U.S. hoping its security gamble with Turkey in Syria will pay off

On Saturday, the sixth aerial overflight by the US and Turkey took place in eastern Syria.

By
September 22, 2019 23:43
Turkish-backed Free Syrian Army fighters are seen near the city of Afrin, Syria

Turkish-backed Free Syrian Army fighters are seen near the city of Afrin, Syria. (photo credit: KHALIL ASHAWI / REUTERS)

Two months after Ankara threatened to launch an operation into northern Syria, where US forces are present, the US and Turkey seem to be working closely on a “security mechanism” that supposedly seeks to fulfill Turkey’s concerns about Syria.

On Saturday, the sixth aerial overflight by the US and Turkey took place in eastern Syria. Under the “security mechanism” that was announced in August, the US and Turkey work together with military to military teams in Turkey that coordinate these flights and other issues in northern Syria.

US Maj.-Gen. Eric T. Hill, commander of the anti-ISIS campaign, said these overflights were important for “all involved.”

The problem for the US is that it has limited forces on the ground in eastern Syria, and is trying to simultaneously balance several challenges. First, it wants to continue the mission to defeat ISIS. This has been successful because of the partnership with the Syrian Democratic Forces, a group that includes Kurds and others in eastern Syria that the US has helped train, assist and advise during the war on ISIS. The SDF liberated Raqqa in 2017, and in the spring of 2019 ISIS was finally defeated in its last stronghold near the Euphrates River. But ISIS sleeper cells remain a threat.

Second, the US faces a continuing problem in Al-Hol camp, where tens of thousands of ISIS supporters ended up after the defeat of ISIS. The camp’s residents are becoming increasingly radicalized as they use their ability to move freely within the camp to reorganize ISIS cells and support ISIS.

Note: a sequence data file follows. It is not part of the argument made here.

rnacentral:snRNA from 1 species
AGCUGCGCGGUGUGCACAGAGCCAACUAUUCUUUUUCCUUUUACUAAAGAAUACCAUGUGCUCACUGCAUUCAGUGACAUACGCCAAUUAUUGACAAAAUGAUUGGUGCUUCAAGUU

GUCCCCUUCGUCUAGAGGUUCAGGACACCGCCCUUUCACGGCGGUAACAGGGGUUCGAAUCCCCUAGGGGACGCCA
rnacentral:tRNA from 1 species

Meanwhile, other ISIS male members held in detention in eastern Syria remain without trial because their home countries will not take them back, and the eastern Syrian authorities linked to the SDF have not found a way to constitute war crimes trials for the ISIS perpetrators. Hill called the issues in Al-Hol a “wicked problem,” according to a tweet by the Special Operations Joint Task Force.

A third challenge for the US is placating Turkey, which continues to threaten to launch a military operation in eastern Syria. Despite the US overflights and getting the SDF to destroy defensive fortifications in areas in eastern Syria, Turkey President Recep Tayyip Erdogan said that his country could still act if a “safe zone” is not established in Syria. Turkey once again says its “preparations” for an offensive are complete, and that the US is moving to slowly to pave the way for Turkey’s safe zone that will extend 32 km. into Syria.

Rather than respond to the constant threats and claims the US is aiding terrorists, the US seeks to work more closely with Turkey.

Washington hopes that it can thread the needle of pleasing Turkey and the SDF by removing the SDF from the border without ending up with a Turkey military operation on its hands that would alienate the SDF partnership.

In short, the US goal increasingly appears to be to get the SDF to keep fighting ISIS in one part of eastern Syria, while other parts of eastern Syria are quietly cleared of the SDF. But will that be enough for Ankara, or is it only phase one before Turkish troops move into northern Syria anyway? The SDF Twitter account says the SDF is committed to both defeating ISIS and the US-backed security mechanism. “The work continues to remove fortifications in the areas that concern Turkey.”

There is no evidence Ankara is pleased. Instead, it likely thinks that more threats will get it a larger role in northern Syria, and it understands that eventually it will create daylight between the US and the SDF, damaging the SDF partnership and forcing the US to choose between Ankara and eastern Syria.

For now, the SDF is vacillating in the hope of preventing a Turkish military operation. In January 2018, the SDF watched as Turkey took over Afrin and 160,000 Kurds were made homeless while Syrians from other parts of Syria were settled in Afrin, changing the demographics of the historically Kurdish area. The SDF knows that enabling, even by policy errors, another Afrin in eastern Syria would be seen as a monumental betrayal by locals who helped defeat ISIS.